I agree. If I open a pound, I might as well cook it all. And if there's cooked bacon anywhere in the house, it gets eaten pretty darn quickly.

Quote:

Originally Posted by Cardigan (Post 19363006)
2-4 seems to be the norm. That said, if bacon's available at a buffet it would be strange if I consumed less than 8 strips.

Quote:

Originally Posted by myfivekids (Post 19363010)
Or if you're at home and Mom happened to make too much, it's likely that it'll all be gone no matter how much you made!

These are the real answers. Bacon does not get thrown away because no one wanted to eat it. The normal amount of bacon is always less than the amount of bacon that would be eaten if there was more.

ftg 05-27-2016 05:49 PM

2-3 strips is "normal". A person wanting a "plenty of bacon" would therefore expect at least 4 with no definable upper limit without more info on the gluttonous appetite of the individual involved.

Note that very hard working people in the old days ate a surprisingly large number of calories with fatty meats like bacon being a good, dense source. Modern people should eat maybe 1/2 to 1/3 of what a John Wayne cowboy-like character would eat.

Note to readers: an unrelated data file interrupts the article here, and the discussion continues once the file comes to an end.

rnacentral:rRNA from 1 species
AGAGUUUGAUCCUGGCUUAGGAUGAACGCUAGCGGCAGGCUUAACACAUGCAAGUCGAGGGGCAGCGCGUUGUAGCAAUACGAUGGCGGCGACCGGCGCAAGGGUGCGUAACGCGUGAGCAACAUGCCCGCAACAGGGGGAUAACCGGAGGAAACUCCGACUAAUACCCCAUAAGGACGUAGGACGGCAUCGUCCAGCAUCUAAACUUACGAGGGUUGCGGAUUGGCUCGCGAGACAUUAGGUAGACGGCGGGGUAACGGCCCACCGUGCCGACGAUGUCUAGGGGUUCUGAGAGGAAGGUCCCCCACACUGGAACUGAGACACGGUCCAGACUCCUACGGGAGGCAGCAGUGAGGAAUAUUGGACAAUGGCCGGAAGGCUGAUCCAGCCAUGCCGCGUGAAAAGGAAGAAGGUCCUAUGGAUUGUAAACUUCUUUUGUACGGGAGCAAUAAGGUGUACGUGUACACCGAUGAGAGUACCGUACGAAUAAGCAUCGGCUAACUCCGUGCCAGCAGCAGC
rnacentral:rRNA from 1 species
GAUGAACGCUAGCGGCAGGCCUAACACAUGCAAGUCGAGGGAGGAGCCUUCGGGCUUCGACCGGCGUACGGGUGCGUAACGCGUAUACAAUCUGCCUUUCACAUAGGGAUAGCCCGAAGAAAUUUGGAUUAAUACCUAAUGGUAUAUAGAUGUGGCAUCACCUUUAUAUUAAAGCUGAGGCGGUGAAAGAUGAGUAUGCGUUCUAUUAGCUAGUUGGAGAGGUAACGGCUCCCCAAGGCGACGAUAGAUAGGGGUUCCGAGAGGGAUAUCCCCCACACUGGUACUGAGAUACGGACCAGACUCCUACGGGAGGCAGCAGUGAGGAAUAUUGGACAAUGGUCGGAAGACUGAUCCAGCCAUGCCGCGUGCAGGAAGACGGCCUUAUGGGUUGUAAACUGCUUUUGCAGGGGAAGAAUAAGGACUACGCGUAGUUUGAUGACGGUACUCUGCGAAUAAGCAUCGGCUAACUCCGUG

Dendarii Dame 05-27-2016 06:58 PM

2 strips would be my guess.

Irishman 05-27-2016 07:39 PM

Restaurants tend to serve two strips with their meals.

People tend to want at least 4 strips. Many will find that sufficient with the rest of breakfast to quell the desire.

Some prefer more bacon, and aren't happy until they eat a whole pig.

Daylate 05-27-2016 07:39 PM

Agree that it's hard to have too much bacon.

Item of interest. Do you guys know how much of the raw bacon is thrown away before before it makes it to the table?

I once did an experiment to determine this. We had a 12 ounce package of bacon, which I weighed just before it was fried, and by golly it came out to exactly 12 ounces. Then, I weighed it again after frying. The fried, ready to eat weight was only 3.1 ounces. So, almost exactly 75% of the original bacon was basically thrown away after frying. Not very efficient - makes the price per piece of the fried bacon rather expensive.